Oil supplies to Europe and further afield are at risk of serious disruption, the world’s oil tanker association has warned, following more attacks on shipping in the Persian Gulf.  

“We need to remember that some 30 percent of the world’s crude oil passes through the straits. If the waters are becoming unsafe, the supply to the entire Western world could be at risk,” Paolo d’Amico, the head of Intertanko, the global association of privately-owned oil tank vessels, said on Thursday 13th June.  

He spoke after two ships – the Front Altair, carrying naphtha from the United Arab Emirates (UAE) to Japan and the Kokuka Courageous, carrying methanol from Saudi Arabia to Singapore – were damaged by explosions earlier the same day.  

The attack saw world oil prices jump 4.4 percent the same day, before dropping slightly. The incident was the second attack on shipping in the region in four weeks, recalling the so-called Tanker War of the 1980s, when hundreds of vessels were damaged during the Iran-Iraq conflict.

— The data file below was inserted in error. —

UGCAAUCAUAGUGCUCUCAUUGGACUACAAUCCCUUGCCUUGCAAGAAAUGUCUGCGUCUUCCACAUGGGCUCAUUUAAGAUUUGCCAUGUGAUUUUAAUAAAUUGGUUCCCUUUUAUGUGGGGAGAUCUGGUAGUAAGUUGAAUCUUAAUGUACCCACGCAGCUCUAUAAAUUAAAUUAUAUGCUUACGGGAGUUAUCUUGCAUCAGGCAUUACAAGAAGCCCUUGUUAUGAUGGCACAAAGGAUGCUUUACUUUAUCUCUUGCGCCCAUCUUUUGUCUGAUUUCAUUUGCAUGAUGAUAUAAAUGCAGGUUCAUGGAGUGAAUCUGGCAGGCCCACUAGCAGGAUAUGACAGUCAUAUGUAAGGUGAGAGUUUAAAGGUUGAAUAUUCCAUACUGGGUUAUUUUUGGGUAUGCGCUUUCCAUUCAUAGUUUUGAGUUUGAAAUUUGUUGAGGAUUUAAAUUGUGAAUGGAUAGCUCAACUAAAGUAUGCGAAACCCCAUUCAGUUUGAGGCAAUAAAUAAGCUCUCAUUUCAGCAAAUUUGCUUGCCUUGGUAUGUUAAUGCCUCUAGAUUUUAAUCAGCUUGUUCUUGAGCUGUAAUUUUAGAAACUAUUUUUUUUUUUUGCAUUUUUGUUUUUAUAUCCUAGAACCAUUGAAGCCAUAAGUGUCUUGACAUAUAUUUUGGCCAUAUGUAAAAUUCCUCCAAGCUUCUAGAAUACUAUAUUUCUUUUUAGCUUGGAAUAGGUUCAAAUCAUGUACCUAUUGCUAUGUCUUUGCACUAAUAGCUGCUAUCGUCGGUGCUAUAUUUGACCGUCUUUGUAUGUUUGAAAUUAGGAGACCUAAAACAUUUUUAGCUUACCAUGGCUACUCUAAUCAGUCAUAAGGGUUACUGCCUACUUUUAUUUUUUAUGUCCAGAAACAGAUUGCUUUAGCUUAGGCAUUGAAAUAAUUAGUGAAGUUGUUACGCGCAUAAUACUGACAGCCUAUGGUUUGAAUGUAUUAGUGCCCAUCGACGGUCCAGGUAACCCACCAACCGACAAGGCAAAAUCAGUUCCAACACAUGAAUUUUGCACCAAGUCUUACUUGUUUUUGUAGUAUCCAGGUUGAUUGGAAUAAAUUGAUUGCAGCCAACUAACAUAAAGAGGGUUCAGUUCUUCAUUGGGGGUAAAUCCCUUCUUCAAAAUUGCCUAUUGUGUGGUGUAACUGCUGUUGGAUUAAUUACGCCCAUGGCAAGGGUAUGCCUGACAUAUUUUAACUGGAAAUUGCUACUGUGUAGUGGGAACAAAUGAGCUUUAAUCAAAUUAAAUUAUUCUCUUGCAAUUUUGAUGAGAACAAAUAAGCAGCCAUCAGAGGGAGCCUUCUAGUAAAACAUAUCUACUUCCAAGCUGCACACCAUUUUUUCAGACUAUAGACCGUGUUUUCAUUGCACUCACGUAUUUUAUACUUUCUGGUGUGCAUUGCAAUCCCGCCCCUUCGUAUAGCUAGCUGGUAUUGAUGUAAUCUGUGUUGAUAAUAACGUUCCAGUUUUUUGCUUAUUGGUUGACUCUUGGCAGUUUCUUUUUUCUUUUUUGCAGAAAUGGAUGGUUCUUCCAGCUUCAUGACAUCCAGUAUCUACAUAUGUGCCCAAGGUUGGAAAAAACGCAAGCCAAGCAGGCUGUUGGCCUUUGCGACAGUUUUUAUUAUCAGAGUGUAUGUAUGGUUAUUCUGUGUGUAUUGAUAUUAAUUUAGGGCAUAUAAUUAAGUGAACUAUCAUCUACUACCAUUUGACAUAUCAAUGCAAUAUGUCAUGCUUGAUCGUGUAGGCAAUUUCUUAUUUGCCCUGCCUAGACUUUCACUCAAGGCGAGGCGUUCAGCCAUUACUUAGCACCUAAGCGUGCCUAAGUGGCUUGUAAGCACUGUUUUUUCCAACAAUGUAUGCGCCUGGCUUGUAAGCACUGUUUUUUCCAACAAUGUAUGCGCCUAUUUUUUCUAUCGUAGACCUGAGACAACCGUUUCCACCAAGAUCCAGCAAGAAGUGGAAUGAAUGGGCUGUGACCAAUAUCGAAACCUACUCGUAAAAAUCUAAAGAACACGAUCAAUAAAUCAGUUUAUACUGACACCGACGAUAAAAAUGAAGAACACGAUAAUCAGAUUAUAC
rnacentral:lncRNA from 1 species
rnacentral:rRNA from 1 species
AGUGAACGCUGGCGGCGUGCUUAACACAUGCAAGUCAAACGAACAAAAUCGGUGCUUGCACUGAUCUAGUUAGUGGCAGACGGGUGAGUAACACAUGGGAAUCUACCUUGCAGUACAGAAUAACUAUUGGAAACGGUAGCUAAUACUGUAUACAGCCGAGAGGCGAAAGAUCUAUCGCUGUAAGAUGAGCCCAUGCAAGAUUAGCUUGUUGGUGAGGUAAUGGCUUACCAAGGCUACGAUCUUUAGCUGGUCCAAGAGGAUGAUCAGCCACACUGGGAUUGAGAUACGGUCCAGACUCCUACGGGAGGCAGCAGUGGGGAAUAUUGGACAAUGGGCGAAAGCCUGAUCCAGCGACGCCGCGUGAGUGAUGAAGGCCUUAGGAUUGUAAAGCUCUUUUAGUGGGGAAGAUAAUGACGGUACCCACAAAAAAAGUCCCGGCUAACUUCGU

The new attacks come amid years of proxy warfare between Iran and Gulf allies Saudi Arabia, the UAE, and others.  

They also come amid escalating tension between the US and Israel and Iran over Iran’s nuclear enrichment programme.  

For their part, the US and UK immediately blamed Iran for the assault. But Iran’s UN mission said it had nothing to do with the events.